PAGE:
A few days before Christmas, our lovely neighbor Keri stopped by the apartment to drop off a Christmas present for us (aww) and chat while Bueller frolicked with her collie, Sargent. We talked about this and that, with occasional cautions to the ‘children’ to leave the cat be. Sarge is very well behaved, so he responds to a command of “Leave it” from another room, where as I constantly have to as Bueller: “Are you in something, bubbie?” A little while later, as Bill went to carry the nightstand we were giving Keri back to her apartment, I asked “Do you need help, Bubbie?” Keri started to laugh.
“Do you realize you just called your husband and your dog by the same nickname?”
After a good round of giggles, I told her that I did indeed know that I often refer to Bueller and Bill by the same name. It doesn’t bother either of them, and it simplifies my life a little bit. As I thought about it further, I realized that this was a bit uncommon for the general populace. All of my life, I’ve called almost everyone some form of nickname; oftentimes one person would have several affectionate monikers from me.
In college, a friend pointed out that I call my mom a whole range of maternal names, from Mommy to Ma to Kathryn (when I’m trying to get her attention). My best friend Stef is Bef or Beffie for BEst Friend forEver. Her husband, Robert, is Bert so their B-names go together. One of my friends is now “Goo” for no real reason, and my TAMS roommate was Duckie for the way she walked. My mother-in-law is Ms. Mercy, while Finnegan winds up being called Finnabin half the time. Bueller gets the brunt of the nicknames though: Bue, Bubbie, Bubsie, Chunk, Chunker, Lump-Lump, and on and on.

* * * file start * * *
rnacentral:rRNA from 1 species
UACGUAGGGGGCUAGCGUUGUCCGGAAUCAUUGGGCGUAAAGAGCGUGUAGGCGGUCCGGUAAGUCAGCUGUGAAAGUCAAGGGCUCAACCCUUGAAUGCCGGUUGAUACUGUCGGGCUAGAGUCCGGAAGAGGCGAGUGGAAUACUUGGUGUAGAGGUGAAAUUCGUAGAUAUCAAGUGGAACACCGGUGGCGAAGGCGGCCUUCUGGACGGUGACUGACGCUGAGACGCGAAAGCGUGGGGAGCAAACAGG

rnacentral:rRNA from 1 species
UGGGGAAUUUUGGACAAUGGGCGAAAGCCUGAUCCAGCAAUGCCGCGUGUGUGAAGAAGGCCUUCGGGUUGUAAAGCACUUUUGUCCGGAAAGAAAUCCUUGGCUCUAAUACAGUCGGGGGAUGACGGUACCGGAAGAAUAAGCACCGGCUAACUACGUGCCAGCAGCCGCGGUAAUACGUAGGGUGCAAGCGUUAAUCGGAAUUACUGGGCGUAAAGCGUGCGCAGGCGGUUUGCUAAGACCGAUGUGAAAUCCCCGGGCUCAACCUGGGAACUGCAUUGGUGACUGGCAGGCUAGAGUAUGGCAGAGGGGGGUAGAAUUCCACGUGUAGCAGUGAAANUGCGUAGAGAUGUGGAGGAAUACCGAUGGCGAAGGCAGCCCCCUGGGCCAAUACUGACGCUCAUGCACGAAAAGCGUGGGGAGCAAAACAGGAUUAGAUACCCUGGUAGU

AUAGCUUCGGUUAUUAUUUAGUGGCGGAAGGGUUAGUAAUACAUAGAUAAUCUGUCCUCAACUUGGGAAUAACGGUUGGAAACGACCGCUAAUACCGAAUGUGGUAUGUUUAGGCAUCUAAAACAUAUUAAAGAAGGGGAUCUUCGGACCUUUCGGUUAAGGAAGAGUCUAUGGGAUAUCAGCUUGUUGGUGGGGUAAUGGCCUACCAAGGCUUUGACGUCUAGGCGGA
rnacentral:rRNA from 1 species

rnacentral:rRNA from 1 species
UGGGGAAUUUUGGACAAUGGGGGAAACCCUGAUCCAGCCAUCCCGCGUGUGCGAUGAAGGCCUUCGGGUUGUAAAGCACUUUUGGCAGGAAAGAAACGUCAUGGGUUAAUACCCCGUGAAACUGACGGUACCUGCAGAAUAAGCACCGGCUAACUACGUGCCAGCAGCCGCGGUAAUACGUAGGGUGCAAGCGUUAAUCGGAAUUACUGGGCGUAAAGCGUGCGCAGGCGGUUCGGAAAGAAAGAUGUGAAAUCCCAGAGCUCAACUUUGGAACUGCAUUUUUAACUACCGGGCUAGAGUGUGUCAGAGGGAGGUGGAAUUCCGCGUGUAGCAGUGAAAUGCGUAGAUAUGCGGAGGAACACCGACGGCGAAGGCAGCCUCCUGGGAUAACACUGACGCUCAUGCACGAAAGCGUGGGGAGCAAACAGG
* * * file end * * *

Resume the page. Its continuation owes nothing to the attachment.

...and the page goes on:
When Keri pointed out my nickname overlap, I started to ponder my nicknaming motivations. Was it laziness? A sign of relational ownership? A tic leftover from childhood? Perhaps a combination of all three? When I call someone an endearment I’ve invented for them, it’s an indicator of our special relationship that goes beyond the simplicity of a given name. Of course, that’s why nicknames exist at all. So why so many nicknames for each person? That’s the question I haven’t yet answered. Maybe it’s the mental equivalent of having a large vocabulary or a sign of linguistic boredom with a simple sobriquet or perhaps it’s just that I like to talk too much.
In any case, I am sort of proud of my nicknaming habit. Each name is either a linguistic play or part of the relationship I have with that person. When Stef and I call each other Bef (yes, we’re both Bef) or Bill and Bueller are both Bubbie, they’re special to me in a way that’s encompassed by that name. That affectionate root makes my heart happy, even if it can be confusing for everyone else 🙂